News in Brief 23 January 2017 (PM)

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In Gogjali, on the eastern fringes of Mosul, a young girl stands by her family’s belongings after fleeing the city earlier that morning. Photo: UNHCR/Ivor Prickett (file photo)

Mosul displaced tops 160,000

More than 161,000 people have been displaced as a result of ongoing fighting in the Iraqi city of Mosul, the UN announced on Monday.

The Iraqi military and its allies are attempting to liberate the northern city which has been under the grip of the terrorist group ISIL since 2014.

UN humanitarian partners on Sunday delivered aid packages containing ready-to-eat food, hygiene materials and other items, to 4,500 people in one of the newly-liberated neighborhoods of eastern Mosul.

UN Spokesperson Stéphane Dujarric has more:

"Overall, between 16 and 22 January, some 56,000 people living in newly accessible east Mosul city neighbourhoods received aid packages from UN and its partners. Access missions by humanitarian partners continue. An access mission to north-eastern Mosul neighbourhoods, which is underway today, will assess the level of explosive hazard contamination around water treatment facilities."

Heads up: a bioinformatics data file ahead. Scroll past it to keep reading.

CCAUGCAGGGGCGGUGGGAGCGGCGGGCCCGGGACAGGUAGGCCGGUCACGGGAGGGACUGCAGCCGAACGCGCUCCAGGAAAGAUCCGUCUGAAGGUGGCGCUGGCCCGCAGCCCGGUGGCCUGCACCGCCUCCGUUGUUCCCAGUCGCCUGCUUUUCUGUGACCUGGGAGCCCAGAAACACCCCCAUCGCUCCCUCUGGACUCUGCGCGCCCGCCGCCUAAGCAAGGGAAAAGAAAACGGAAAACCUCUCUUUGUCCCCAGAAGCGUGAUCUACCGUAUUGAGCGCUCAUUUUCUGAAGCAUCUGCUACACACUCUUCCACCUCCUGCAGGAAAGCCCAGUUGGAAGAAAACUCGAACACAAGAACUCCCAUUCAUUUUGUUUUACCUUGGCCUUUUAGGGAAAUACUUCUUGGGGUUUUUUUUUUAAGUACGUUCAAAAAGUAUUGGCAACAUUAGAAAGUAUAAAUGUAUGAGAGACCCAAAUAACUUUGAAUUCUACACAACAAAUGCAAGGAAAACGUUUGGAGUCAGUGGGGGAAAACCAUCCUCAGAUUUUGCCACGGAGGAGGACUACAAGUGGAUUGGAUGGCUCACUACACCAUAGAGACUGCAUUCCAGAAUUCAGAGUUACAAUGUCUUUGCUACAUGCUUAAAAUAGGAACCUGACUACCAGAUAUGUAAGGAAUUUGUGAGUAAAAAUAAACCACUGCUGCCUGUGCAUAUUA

Mobile technology gives voice to young refugees in Pakistan

Mobile technology will be used soon to empower young refugees living in Pakistan.

That's according to the UN Children's Fund (UNICEF) and the UN Refugee Agency (UNHCR) which will use a mobile-based social monitoring tool to help youth there to strengthen community development and engagement.

Pakistan is hosting more than one million displaced Afghans, 64 per cent of whom are under 25.

The agencies say the platform, known as U-Report PakAvaz, creates a safe space for young refugees to have a voice as they can use it to report on issues relevant to their communities via text, Twitter and Facebook.

UNICEF and UNHCR will work with telecom providers, community partners, non-governmental organizations and youth-led networks to create a network of so-called "refugee U-Reporters" in Pakistan.

WFP lauds German funding contributions in 2016

Germany contributed a record 791.5 million euros to the World Food Programme last year; funds which the UN agency used to feed millions of hungry people across the globe.

WFP Executive Director Ertharin Cousin acknowledged what the agency has described as the "all-time record" in terms of support from the country, during a visit to Berlin on Monday.

The German funding also included the single largest contribution ever to a WFP operation, with 570 million euros going to restoring food assistance to nearly six million people in Syria and neighbouring countries.

The WFP chief said: "Whether to families affected by the Syrian crisis, in drought-stricken southern Africa, or across Yemen and Ethiopia, Germany's generosity provides not only food assistance but is an opportunity to make hunger a thing of the past."

Dianne Penn, United Nations.

Duration: 3'04"

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